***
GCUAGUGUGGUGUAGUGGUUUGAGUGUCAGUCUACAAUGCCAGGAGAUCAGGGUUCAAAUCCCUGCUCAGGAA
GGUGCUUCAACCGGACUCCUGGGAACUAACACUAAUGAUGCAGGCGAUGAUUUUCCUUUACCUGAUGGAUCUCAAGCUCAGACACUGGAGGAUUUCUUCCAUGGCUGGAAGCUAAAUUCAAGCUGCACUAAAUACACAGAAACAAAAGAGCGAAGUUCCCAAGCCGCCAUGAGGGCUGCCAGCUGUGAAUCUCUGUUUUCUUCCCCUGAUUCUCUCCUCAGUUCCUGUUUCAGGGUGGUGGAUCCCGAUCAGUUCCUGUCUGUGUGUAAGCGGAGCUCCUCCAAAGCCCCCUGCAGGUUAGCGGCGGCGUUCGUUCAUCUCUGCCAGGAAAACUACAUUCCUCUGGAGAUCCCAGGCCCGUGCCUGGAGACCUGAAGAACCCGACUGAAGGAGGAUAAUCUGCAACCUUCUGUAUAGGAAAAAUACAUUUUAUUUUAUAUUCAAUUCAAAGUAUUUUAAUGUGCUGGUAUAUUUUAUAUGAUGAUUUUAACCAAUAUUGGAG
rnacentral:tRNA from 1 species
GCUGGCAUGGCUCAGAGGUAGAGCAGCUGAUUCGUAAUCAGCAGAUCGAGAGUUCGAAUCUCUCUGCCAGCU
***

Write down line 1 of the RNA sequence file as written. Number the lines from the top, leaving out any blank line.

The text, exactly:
GCUAGUGUGGUGUAGUGGUUUGAGUGUCAGUCUACAAUGCCAGGAGAUCAGGGUUCAAAUCCCUGCUCAGGAA